While this post (and my testing) has focused on Microsoft Office 97-2003 Excel files, it's important to note that the OLE Root Entry last modified and creation timestamps are not limited to Microsoft Office files.  There are a number of other files that use the OLE compound file format, such as jump lists (*.automaticDestinations-ms), thumbs.db files, and sticky notes.  Further research into the behavior of the OLE timestamps with regard to other file types may reveal interesting and useful information for forensic examinations.

Resources
OLE Compound File Format
[MS-CFB]: Compound File Binary File Format
Forensics Wiki: OLE Compound File

10 comments:

  1. Hi,

    You should try the modules 'metacompound' in DFF 1.3 It extract all the OLE stream with their metadata (minifat / difat specific attributes, ...) and also the metadata specific to the DOC and PPT Stream. (The "Last saved time", ...). It also automatically extract pictures and text from DOC and PPT.

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  2. Solal,

    Thanks for the tip, I haven't tried DFF yet. Is the metacompound module part of the free edition?

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  3. Jason,

    Great post! It really validates my thoughts that analysts need to know more about the data structures that they encounter, in order to get the most out of them.

    Even though for some, the OLE format MS Office documents may no longer be on their radar, this is valuable information in that the OLE format is in use in multiple file formats on more recent versions of Windows, as well as in more recent applications.

    Again, thanks for writing and posting this...

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    1. Harlan,

      Thanks, and good point about OLE being used in other formats as well. It will be interesting to see if/how this type of information is helpful in analyzing files from other (and possibly more current) applications.

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  4. Yes Jason. You can download it on www.digital-forensic.org.
    (I'm sorry but most of the distribution haven't update to the 1.3 package yet and the module is not in the 1.2 version).
    To test it you can directly click 'open evidence' then the 'green cross', to add your .doc file (or other compound document). Then double-click on the document who will appear in 'Logical Files' then a tree with a node for each stream will be created. Each node (stream) will have it's own metadata (it appear on the right panel) and the Document specific metadata will be added to the root node too. Then you can use the search engine to compare metadata of multiple documents (or create a python script).

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    1. Solal,

      I just tried DFF 1.3.0 and was able to extract a good deal of OLE metadata (version, byte order, sector locations, etc.), but it doesn't appear to extract the last modified date from the Root Entry. I manually verified the date in the hex preview of DFF, but the timestamp doesn't appear to be parsed when applying the compound module to the file...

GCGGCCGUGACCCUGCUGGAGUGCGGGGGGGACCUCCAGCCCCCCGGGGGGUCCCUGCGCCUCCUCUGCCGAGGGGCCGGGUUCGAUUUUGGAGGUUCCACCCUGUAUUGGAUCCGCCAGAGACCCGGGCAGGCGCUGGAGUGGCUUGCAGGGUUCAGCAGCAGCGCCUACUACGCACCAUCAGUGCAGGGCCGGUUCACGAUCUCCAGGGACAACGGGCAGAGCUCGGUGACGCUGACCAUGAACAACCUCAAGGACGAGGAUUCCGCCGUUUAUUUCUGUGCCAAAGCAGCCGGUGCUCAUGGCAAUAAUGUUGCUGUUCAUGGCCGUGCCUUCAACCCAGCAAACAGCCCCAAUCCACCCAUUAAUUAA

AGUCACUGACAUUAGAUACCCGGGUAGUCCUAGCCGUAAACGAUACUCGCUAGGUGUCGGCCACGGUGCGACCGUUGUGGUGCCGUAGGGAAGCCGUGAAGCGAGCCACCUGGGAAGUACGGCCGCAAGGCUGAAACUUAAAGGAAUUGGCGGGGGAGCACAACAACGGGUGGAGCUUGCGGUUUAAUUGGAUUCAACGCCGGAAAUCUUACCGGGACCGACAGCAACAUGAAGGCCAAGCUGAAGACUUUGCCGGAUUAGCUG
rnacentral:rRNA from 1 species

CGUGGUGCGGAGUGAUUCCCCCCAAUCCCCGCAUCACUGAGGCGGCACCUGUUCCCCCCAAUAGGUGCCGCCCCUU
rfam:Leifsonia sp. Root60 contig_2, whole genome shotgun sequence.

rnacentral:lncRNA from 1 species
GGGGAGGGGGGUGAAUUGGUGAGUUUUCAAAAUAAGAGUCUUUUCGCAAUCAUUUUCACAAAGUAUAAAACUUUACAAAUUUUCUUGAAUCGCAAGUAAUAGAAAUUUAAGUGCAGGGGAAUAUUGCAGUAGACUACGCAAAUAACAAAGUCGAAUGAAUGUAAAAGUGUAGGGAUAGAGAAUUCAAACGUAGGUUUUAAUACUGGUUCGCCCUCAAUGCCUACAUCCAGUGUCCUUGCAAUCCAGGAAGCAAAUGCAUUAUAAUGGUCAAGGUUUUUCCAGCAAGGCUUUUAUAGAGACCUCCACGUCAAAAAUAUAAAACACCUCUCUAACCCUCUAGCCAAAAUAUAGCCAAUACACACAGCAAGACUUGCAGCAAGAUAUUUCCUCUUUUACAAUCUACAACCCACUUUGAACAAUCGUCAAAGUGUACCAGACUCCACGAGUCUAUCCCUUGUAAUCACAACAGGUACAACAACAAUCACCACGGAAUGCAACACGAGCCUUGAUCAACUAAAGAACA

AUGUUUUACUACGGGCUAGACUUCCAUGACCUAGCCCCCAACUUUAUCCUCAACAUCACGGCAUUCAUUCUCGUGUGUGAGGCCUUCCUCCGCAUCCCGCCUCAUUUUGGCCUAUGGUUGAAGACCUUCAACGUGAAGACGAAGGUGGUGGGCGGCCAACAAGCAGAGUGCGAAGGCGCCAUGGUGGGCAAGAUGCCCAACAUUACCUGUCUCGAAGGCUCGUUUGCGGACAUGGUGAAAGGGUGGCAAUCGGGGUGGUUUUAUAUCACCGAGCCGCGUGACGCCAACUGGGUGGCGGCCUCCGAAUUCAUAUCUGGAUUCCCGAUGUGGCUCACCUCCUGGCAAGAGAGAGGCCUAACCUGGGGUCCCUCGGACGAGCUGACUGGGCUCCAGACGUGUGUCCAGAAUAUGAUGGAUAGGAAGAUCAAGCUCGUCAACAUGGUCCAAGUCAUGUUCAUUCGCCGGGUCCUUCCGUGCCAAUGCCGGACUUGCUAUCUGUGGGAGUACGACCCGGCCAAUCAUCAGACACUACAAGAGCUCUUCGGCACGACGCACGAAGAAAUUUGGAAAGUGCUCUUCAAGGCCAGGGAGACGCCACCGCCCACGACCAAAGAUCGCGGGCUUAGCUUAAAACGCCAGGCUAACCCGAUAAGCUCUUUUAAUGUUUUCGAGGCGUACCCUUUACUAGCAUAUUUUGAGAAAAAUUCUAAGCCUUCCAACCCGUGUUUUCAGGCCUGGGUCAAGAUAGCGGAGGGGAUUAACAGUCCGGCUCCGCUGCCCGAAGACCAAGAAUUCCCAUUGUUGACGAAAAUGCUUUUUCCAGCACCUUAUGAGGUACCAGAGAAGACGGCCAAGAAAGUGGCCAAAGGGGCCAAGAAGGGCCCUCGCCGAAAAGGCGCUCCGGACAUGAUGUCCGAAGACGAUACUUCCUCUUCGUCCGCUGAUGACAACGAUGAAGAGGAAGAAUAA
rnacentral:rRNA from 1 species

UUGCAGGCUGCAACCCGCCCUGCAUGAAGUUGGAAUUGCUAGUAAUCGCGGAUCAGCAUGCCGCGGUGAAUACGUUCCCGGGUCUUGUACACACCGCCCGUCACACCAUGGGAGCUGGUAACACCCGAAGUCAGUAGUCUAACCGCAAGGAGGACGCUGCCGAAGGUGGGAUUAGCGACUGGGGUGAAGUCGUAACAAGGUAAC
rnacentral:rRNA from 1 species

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    2. Jason,

      If you check on the node with the 'blue cross' (who appear once the modules is applied to inform that some content was expended) this is normal.
      On this node the only metadata that appear are:
      * the general one from FAT/DIFAT and minifat table (under the attribute : metacompound.Compound document)
      the "metacompound.DocumentSummaryInformation (Root Entry)" and "metacompound.SummaryInformation (Root Entry)" who correspond to the informations of the first embedded documents (there could be other Summary Information and Document Summary Information if there is word document embedded inside an other word document for examples).

      To find the "metacompound.Creation time" and the "metacompound.Modified time" you should double-click on the node and select the "Root Entry" stream on this node the metadata should be set. Also this two metadatas is available for all other nodes (stream) but most of the time the value is set to 0. (1980-00-01 00:00:00).

      Can you tell me if you find the right result on the "Root Entry" node ?
      If not it will be good to share a 'word' document so I could patch the module.

      Thanks.

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    3. Solal,

      Thanks for the follow-up. I just tested this and the modification time listed for the Root Entry node was correct.

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  5. Jason.

    Have you seen any occasions where the OLE "Last Opened Time" is updated but the NTFS Last Modified is NOT updated? i.e. OLE date is later than NTFS date.

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    1. Yes. In my testing, the NTFS Last Modified ($STD_INFO) timestamp was not updated when a file was opened and closed without being saved. In that case, the OLE Root Entry Last Modified (i.e. Last Opened Time) would be later than the NTFS $STD_INFO Last Modified time.